Ten years ago today, NASA launched into orbit a satellite designed and built by the University of Colorado. While the Solar Radiation and Climate Experiment, or SORCE, was only designed to last five years, it's still fully functional a decade later.

For the past 10 years, CU undergraduates also have been assisting in downloading data twice a day from SORCE's instruments. The instruments on SORCE have allowed scientists for the first time to look at most of the wavelengths of light emitted by the sun, and, according to the university, scientists are now using that data to better understand how energy from the sun impacts Earth's climate.

"About 10 to 15 percent of the climate warming since 1970 is due to the sun," said Tom Woods, associate director of CU's Laboratory for Atmospheric and Space Physics and principal investigator for SORCE. "That's going to change now. Now that solar activity is low, the global warming trend could slow down some, but not nearly enough to offset the anthropogenic effects on global warming."

According to the university, the SORCE mission also is a critical contributor to the long-term record of total solar irradiance, the magnitude of the sun's energy when it reaches the top of the Earth's atmosphere, which stretches back to 1978, when the Nimbus-7 satellite was launched. The Total Irradiance Monitor onboard SORCE is taking the most accurate and most precise measurements of total solar irradiance ever collected, officials said.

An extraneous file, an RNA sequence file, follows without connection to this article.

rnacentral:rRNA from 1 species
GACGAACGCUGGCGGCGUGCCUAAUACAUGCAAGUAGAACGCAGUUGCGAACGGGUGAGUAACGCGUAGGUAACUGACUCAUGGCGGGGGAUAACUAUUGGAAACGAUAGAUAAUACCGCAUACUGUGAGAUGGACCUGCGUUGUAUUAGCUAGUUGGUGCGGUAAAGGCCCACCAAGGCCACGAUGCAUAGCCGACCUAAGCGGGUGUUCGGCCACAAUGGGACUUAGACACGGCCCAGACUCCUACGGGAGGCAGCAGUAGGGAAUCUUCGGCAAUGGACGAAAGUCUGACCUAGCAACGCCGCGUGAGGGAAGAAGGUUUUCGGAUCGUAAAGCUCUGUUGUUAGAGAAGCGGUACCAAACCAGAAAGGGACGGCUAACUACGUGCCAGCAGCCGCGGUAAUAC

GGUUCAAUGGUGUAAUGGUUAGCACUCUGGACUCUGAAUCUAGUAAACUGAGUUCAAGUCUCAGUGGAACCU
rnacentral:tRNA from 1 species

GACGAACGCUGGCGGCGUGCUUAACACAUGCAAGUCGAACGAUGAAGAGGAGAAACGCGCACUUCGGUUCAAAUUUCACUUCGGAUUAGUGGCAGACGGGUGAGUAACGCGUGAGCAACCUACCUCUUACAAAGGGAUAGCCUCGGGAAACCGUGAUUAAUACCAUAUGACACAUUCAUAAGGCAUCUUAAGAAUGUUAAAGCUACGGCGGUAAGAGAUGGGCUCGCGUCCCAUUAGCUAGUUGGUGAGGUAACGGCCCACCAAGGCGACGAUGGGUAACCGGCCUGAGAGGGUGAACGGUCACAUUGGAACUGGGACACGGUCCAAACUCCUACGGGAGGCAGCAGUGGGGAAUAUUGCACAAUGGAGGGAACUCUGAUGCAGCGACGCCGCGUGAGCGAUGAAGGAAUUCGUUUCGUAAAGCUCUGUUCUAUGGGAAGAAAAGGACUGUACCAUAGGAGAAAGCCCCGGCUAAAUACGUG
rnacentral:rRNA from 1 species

"It's important to have continuous measurements of solar irradiance since we're looking for small changes in the sun's output over decades and even centuries," said Gregg Kopp, LASP senior research scientist and co-investigator responsible for the TIM instrument. "Detecting such small changes using measurements disconnected in time would make this even more difficult."

In 2011, a new Total Irradiance Monitor was launched on NASA's Glory mission; however the satellite failed to make orbit.

"The battery is the weakest component right now, and will probably limit our life to maybe one to three years from now," Wood said.

According to the university, after the loss of Glory, CU scientists, determined to avoid a gap in the record of total solar irradiance measurements, came up with a creative solution, repurposing a ground-based Total Irradiance Monitor to quickly make it space-worthy and integrating it into a U.S. Air Force satellite that is set to launch in August of this year.

In all, CU has received about $120 million from NASA for the construction and operation of SORCE. But in 2008, LASP took the unusual step of returning $3 million in cost savings from the SORCE mission to NASA that resulted from the program's efficient operations.

"We are just extremely pleased that it has lasted this long and we hope it can keep going for a few more years to continue the solar climate record," Wood said. "We are extremely appreciative of all the people, hundreds of people, largely from the University of Colorado, that built this wonderful instrument and have kept the mission going all these years."